Lots of plays and movies enter into the category of "love/hate"--i.e., people worship at their feet or find them utterly repellent, but no one thinks they're just OK.
For example, Oz, The Great and Powerful, Spring Breakers, Twilight, and The Tree of Life come to mind as classic love/hate movies, ... More >>
Jessica Chastain is not only an acclaimed actress, she's quite beautiful, so I was stunned to hear her tell the TimesTalk audience last night about her shaky reception when she first went on auditions in L.A.
"Many people didn't know what Juilliard was," she said, "or didn't care about my theatrica ... More >>
viaUnless you've been living in a box, you're aware that the Oscars are tonight. While we won't be live-blogging the event like we did last year, we do have some hopes and anticipations for tonight's ceremony. So get in your gown (you do have one, don't you?), sit down in front of your laptop ... More >>
The poll was taken at a panel I was on last night at the Strand Bookstore.
Slate's Dana Stevens, Salon's Andrew O'Hehir, and myself were there to gab about the Oscar race.
(The New Yorker's David Denby, also scheduled, mysteriously never showed up.)
After our talk, MC Deborah Reinisch asked the ... More >>
Zero -- count 'em, zero -- Academy Award nominations were given to a quartet of films that made lots of other peoples' lists, and I know exactly why.
The films are Shame, with Michael Fassbender as a pussy hound who can only get it up for quick, anonymous sex;
A nice bunch of people and product were accorded nominations.
Snubbed: Leonardo DiCaprio, Tilda Swinton, Albert Brooks, Shailene Woodley, and The Adventures of Tintin (for Best Animated; the Academy doesn't care for stop-motion).
The nominations will be announced tomorrow morning, but you might as well just go by this list, which has been officially certified by the Dionne Warwick Psychic Hotline.
(Ranked in descending order of likelihood)
5--Mo ... More >>
Camilo Fuentealba"Look at me, Damien! It's all for you," says a possessed nanny before jumping out a window with a noose around her neck in 1976's The Omen. After Resident Advisor released the 2011 edition of its Top 100 DJs poll earlier this week, one might be tempted to think of the nann ... More >>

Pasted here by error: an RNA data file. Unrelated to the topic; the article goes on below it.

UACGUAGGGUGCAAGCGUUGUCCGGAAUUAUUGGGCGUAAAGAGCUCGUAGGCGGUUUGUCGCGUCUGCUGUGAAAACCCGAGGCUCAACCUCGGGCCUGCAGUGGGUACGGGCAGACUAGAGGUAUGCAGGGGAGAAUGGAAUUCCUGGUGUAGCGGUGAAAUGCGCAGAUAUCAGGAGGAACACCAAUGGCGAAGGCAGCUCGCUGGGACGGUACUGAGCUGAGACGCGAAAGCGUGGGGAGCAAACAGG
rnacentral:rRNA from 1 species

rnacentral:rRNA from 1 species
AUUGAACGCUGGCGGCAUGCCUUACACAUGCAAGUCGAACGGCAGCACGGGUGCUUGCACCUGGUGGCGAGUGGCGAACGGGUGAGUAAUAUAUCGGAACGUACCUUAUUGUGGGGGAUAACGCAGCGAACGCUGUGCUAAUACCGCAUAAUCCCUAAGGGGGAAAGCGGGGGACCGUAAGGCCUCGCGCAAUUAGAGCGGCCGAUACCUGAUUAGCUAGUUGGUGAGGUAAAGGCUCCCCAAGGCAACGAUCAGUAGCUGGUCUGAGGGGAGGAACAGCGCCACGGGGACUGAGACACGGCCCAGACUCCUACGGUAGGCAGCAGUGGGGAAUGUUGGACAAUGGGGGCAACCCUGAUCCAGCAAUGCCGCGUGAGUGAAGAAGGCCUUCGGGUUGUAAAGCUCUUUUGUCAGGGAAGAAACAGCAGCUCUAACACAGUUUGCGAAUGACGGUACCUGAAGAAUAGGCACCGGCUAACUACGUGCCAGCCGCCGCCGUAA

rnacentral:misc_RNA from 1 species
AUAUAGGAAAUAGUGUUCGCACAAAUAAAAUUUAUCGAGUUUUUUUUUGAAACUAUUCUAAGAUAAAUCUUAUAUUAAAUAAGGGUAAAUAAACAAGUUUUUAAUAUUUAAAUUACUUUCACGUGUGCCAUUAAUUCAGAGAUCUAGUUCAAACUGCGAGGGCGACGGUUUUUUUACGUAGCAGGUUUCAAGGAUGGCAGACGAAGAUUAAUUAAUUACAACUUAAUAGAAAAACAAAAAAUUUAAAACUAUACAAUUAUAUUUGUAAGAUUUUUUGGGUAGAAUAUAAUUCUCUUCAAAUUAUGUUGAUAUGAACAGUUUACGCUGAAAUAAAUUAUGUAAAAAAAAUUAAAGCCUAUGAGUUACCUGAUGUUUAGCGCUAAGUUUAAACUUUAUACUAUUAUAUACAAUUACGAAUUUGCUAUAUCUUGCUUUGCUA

The big news to emerge from yesterday's New York Film Critics Circle voting--held early this year to scoop the other year end awards--is, of course, the second coming of homeboy Harvey Weinstein.
Not only was The Artist voted best picture and its director Michel Hazanavicius anointed Best Director ... More >>
The award-winning psychological thriller Martha Marcy May Marlene is unsettling theater audiences across America as we speak, but its surround-sound string swells are actually as homegrown as any Brooklyn band's loft demos. The soundtrack was helmed by Daniel Bensi and Saunder Jurriaans ... More >>
Just like it's already Christmas in certain department stores, the Oscar predix business happens to be in full swing, with goldderby.com asking us pundits for our premature (I mean extremely mature) guesses as to who will get nominated.
Here are mine as of this very moment.
Bear in mind tha ... More >>
I think that sounds nicer than "omnipresent," since it's not her fault that every movie she's ever done seems to be coming out all at once.
She's Jessica Chastain, the 31-year-old beauty who's showing her range--and incredible aptitude for achievement--in the following 2011 films:
Each week, Death by Science sends out an all-points bulletin for the latest science and technology news, tracks it down and beats a confession out of it. This week, we examine the Supreme Court's ruling that video games should be considered art and we ask Ruth Bader Ginsburg if she has any ti ... More >>
Ever since his breakthrough perf in 1991's Thelma and Louise, Brad Pitt has proven to be not just a good movie star, but a really fine actor too.
In the wake of his latest, The Tree of Life, winning the big prize at Cannes, let's look back and pick Brad's five best performances out of many.
... More >>
In our weekly edition, Elizabeth Dwoskin's cover story "Killing Mom and Dad" tells a horrific, but humanizing tale about Eric Bellucci, whose slip into schizophrenia culminated in the stabbing deaths of his mother and father late last year. For the first time, the surviving children of the Be ... More >>